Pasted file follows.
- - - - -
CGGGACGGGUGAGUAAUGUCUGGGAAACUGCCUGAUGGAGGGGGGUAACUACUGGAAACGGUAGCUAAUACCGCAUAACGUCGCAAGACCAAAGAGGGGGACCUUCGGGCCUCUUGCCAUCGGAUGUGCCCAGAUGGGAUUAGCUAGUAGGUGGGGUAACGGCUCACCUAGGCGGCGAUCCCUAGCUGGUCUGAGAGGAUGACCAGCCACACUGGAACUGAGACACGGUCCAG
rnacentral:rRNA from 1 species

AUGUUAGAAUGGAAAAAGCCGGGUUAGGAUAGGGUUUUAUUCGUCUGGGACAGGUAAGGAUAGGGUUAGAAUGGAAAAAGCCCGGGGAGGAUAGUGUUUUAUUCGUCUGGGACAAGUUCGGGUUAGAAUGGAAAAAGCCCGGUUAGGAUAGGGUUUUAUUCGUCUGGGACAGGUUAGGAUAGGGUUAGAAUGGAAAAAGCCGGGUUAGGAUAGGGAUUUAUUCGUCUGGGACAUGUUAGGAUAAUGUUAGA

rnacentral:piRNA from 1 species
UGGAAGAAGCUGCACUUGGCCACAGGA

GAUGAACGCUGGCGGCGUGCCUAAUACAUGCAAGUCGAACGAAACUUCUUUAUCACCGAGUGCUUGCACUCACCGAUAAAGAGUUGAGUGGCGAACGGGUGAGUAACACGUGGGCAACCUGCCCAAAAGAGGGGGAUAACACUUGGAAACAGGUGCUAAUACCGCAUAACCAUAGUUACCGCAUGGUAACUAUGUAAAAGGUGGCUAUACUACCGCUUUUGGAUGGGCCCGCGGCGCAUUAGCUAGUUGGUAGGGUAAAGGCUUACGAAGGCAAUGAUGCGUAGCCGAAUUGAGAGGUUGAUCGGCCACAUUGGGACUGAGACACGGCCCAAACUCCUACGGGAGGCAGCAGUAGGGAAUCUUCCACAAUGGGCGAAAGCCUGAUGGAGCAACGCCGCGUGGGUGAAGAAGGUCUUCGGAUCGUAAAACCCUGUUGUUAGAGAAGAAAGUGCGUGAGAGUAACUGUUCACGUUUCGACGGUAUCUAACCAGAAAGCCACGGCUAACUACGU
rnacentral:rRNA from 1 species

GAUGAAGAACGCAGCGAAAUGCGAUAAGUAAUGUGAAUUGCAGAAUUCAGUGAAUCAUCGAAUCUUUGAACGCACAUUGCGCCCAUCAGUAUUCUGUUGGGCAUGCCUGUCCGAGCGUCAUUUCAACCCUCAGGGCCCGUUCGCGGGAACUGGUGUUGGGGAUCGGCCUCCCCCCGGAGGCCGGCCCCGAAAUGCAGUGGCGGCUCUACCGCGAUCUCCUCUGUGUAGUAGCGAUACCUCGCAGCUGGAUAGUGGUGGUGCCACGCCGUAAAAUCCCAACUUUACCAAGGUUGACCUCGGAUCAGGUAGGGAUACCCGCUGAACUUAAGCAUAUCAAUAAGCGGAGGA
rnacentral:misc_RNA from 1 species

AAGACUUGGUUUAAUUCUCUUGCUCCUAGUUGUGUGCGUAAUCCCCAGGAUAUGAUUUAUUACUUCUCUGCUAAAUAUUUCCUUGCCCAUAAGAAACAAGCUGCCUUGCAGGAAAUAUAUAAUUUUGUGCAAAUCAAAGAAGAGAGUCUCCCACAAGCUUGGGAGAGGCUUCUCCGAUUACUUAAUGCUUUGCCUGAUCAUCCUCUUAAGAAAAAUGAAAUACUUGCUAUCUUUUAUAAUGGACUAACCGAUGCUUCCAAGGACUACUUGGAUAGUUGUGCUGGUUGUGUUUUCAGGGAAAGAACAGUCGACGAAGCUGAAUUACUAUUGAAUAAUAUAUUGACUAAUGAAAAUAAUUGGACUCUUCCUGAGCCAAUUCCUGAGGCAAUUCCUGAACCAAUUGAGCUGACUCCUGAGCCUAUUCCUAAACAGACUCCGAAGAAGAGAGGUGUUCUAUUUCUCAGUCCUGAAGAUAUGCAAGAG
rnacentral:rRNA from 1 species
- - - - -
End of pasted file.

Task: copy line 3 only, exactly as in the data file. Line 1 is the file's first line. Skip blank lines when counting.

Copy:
AUGUUAGAAUGGAAAAAGCCGGGUUAGGAUAGGGUUUUAUUCGUCUGGGACAGGUAAGGAUAGGGUUAGAAUGGAAAAAGCCCGGGGAGGAUAGUGUUUUAUUCGUCUGGGACAAGUUCGGGUUAGAAUGGAAAAAGCCCGGUUAGGAUAGGGUUUUAUUCGUCUGGGACAGGUUAGGAUAGGGUUAGAAUGGAAAAAGCCGGGUUAGGAUAGGGAUUUAUUCGUCUGGGACAUGUUAGGAUAAUGUUAGA